Just ask anyone who has gone through their own crucifixions. The cross of broken relationships; the families who cannot speak to each other anymore because of political fights, or differences of opinion on how to raise the kids. Just ask anyone who has gone through a divorce, when any kind of reconciliation seems impossible because of all the hurt that has gone on before. Just ask anyone who has been so sure they knew what the Bible teaches and then a new insight comes and their worlds are turned upside down, and their families and closest friends treat them like enemies. There are all kinds of ways in which the reality of Jesus’ words hit home for us. The times when our families break up, and we find two against three, and three against two is not an abstract discussion about mathematics but a very real description of how it is for us now. Conflicts rage, division rules, people are torn apart. It happens in families, it happens in churches, it happens in communities. Disruption is a way of life.
But there are disruptions, and then there are disruptions. There are disruptions because we have stuck to our partisan prejudices and not truly listened to someone with another view. There are disruptions because we have not paid attention to the needs of someone else. There are disruptions because we failed to feel as others might, to consider another opinion, to let the thoughts of someone else be considered. In our world, “it’s my way or the highway” has often become our battle cry, our rules for engagement that seek to control and dominate.
But as Jesus said so often, it shall not be so among you.
Remember that Jesus is not just talking about life in general when he talks about fire in the world or a baptism he needs to receive. He is talking about his resolute march toward Jerusalem, where the act of self-giving love at its best will be played out. The fire is not just a consuming fire, though that should not be completely dismissed. The kind of peace Jesus gives is a demanding peace. He is not one for the status quo. Jesus has looked at the self-righteous religiosity of his time – and any time really – and found it severely lacking. Everyone is looking out for themselves and trying to show off how right they are and how wrong everyone else is. Not the faith that God intended. Not the looking out for your neighbor that the law demands at its most basic. Jesus’ fire is the one that wants to consume that judgmental and self-righteous attitude toward those around us. The fire that needs to burn so that a more compassionate, loving, self-denying peace that is real peace can take place. But it cannot happen without hearts being softened and directed toward God and neighbor.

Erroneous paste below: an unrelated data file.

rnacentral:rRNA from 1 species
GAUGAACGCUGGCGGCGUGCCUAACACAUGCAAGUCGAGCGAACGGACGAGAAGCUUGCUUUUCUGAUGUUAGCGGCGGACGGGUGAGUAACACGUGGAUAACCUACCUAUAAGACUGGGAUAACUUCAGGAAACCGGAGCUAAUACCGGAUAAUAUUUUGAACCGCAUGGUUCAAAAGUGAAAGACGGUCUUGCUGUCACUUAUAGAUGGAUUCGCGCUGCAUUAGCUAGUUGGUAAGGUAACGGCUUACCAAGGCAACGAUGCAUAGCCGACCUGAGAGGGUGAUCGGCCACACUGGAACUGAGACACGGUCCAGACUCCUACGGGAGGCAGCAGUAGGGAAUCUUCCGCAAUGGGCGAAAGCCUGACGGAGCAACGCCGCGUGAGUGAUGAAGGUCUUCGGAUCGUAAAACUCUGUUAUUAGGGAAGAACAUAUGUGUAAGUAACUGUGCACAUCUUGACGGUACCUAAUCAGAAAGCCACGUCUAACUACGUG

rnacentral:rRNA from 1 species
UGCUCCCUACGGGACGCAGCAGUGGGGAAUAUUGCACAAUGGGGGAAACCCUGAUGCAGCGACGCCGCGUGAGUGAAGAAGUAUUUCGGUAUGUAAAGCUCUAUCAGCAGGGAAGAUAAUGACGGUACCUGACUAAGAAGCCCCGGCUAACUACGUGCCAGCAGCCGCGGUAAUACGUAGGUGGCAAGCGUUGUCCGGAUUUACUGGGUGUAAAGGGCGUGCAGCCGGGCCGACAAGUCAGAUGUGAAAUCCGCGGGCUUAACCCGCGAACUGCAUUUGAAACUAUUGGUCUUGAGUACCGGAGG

Jesus also talks about his baptism. Throughout the Gospels, starting with the earliest gospel – Mark – when he confronts James and John and their request for power, Jesus talks about his baptism in the sense of his baptism into death. The baptism where he lets go of everything, including life itself, to be faithful to the One who calls him, the One who calls us all, into baptism, into ministry, into life in all of its fullness. A baptism that gives up self, a baptism that lets go of everything that gets in the way of a healthy and life-giving relationship with God.
Out in Facebook land there is a meme that features a cute toddler holding a phone as if she were having a conversation with someone; and the words, “Some guy in a robe tried to drown me in church today. And my family all stood around and took pictures!”